GS: What was the first touring Broadway musical that you ever saw in the Chicago area?
JK: I think one of the first ones I was supposed to see was The Lion King, but I got sick. I believe that Les Miz was the first one I actually saw.
GS: Do you have an all-time favorite musical?
JK: Gypsy is my all-time favorite musical [laughs]. I love that musical so much
GS: Can you please say something about the demands of being a dancer?
JK: It’s a huge physical requirement on your body. Not only do you have to dance on stage for your job but you have to spend a lot of time conditioning yourself. I feel like a lot of my free time is spent prepping my body for the show and easing my body and trying to remove any kind of muscular tension. I’m either constantly going to yoga or pilates or keeping up with my training and going to dance class; constantly going to physical therapy and getting acupuncture and massages just to prevent injury. As you get older and you use your body more and more, the more active you are with it, the more susceptible you are to injury. As a dancer, if you’ve ever been injured, you spend the remainder of your career preventing injury when you can. To be a dancer you want to feel as fully bodied, as strong and malleable as possible. It requires a lot. I have natural flexibility and natural mobility, but there’s only so much my body can actually do. To keep the looseness and availability of my movement, I have to keep up a regimen.
GS: It was recently announced that Fiddler on the Roof will be closing in December 2016. Have you started thinking about what comes next for you?
JK: As a dancer and an actor, the hustle is always there. Even when you have a show, you always have the thought in your mind about what’s next. I’m trying to decide if I want to stay in musical theater or go back into the dance world or pursue the straight theater world. I’m exploring what avenues are in front of me and what opportunities I see ahead. I definitely want to stay performing. It’s really about whether the right project comes along.
GS: Do you have interest in film and television?
JK: Sure. I wouldn’t deny myself the opportunity. I’m definitely interested in pursuing it. But before I pursue I would have to do a little more training. I’m interested in that realm. First and foremost I consider myself a performer at heart, whether that means dancer or actor, I think I’m interested in anything that allows me to inhabit that sphere.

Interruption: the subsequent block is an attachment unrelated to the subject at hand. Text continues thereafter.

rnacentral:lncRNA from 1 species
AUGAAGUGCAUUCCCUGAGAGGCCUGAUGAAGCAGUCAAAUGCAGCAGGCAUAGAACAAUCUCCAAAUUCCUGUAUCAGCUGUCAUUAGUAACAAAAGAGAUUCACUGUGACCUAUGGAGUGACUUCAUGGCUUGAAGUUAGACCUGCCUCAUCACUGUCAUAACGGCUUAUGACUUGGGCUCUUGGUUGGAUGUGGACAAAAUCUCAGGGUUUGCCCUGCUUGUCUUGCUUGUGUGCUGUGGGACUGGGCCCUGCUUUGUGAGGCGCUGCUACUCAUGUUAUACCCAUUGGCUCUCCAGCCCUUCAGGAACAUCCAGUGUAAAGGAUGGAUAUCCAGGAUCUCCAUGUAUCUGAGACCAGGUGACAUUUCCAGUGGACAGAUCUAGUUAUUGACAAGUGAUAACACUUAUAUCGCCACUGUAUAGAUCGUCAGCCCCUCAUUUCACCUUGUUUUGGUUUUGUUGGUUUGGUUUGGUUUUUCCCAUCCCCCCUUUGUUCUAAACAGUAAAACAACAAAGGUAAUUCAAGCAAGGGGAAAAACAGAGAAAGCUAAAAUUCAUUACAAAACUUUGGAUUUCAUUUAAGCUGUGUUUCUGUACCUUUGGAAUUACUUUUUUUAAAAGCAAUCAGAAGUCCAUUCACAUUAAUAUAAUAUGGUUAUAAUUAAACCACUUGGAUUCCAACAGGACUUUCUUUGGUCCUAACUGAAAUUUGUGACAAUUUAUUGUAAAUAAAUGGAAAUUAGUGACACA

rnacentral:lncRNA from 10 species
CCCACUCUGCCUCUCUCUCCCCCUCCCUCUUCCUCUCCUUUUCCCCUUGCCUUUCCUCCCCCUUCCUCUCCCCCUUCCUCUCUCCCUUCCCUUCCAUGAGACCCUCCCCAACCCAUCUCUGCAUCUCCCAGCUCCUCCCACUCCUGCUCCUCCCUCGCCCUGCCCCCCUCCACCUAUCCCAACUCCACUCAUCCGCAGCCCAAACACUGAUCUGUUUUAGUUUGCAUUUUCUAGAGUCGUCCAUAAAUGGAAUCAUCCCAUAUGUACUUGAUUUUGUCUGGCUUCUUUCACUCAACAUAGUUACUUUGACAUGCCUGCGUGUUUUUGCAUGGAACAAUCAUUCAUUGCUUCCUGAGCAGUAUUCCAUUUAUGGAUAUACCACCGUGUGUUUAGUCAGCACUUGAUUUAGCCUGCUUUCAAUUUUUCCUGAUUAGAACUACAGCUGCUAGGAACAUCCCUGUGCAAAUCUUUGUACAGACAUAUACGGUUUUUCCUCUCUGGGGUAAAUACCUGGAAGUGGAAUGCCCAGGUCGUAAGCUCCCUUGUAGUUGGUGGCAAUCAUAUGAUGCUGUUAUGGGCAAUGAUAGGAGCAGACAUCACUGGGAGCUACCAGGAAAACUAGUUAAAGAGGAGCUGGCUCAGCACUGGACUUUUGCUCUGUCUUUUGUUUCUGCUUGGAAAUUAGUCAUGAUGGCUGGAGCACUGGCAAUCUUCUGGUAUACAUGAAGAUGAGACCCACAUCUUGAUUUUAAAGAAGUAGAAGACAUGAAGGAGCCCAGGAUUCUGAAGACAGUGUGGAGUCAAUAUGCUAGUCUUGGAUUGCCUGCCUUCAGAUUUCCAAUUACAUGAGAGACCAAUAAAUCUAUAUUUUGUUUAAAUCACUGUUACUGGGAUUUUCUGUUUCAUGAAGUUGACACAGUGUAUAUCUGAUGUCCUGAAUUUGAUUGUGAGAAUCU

GS: Do you have any favorite Highland Park hangouts that you make a point of returning to when you come back to visit?
JK: Oh, my God! Some of the places that I used to love are gone. There was this place called Full Slab. The best ribs I’ve ever had. I love going to downtown Highland Park. Things are always changing. I like Michael’s. Michael’s is a Highland Park institution. I love going to Ravinia. It’s so magical and unique. Actually, my new favorite place in all of Highland Park is in Ravinia called Coffee Station. It’s on St. John’s across from the train station, right next to Abigail’s. They do such a good job. Every time I come to Highland Park I make a point of getting a coffee from them.
GS: Finally, Jesse, what are the rewards and challenges of being a triplet?
JK: [Laughs] No one has ever asked that. It’s a great question. I think it provided a really healthy way of growing up. I grew up and went through phases of life with someone beside me. Whether we were immensely close or not, it always felt like I had a companion at every rite of passage. It added a uniqueness to my identity know that I’ve got two other people in my life who are supremely connected to me. While we have all made different life choices, we are supportive of each other. I think having that unconditional support has allowed me to take risks in my life knowing that I have my brother and sister there who will keep me in touch with who I am. As much as I pursue being a strange, weird artist, going to funny and obscure jobs or even having an incredible job on Broadway, I always feel like they give me a sense of groundedness. They always bring me back to normality and who I am. I think that’s how being a triplet has helped me.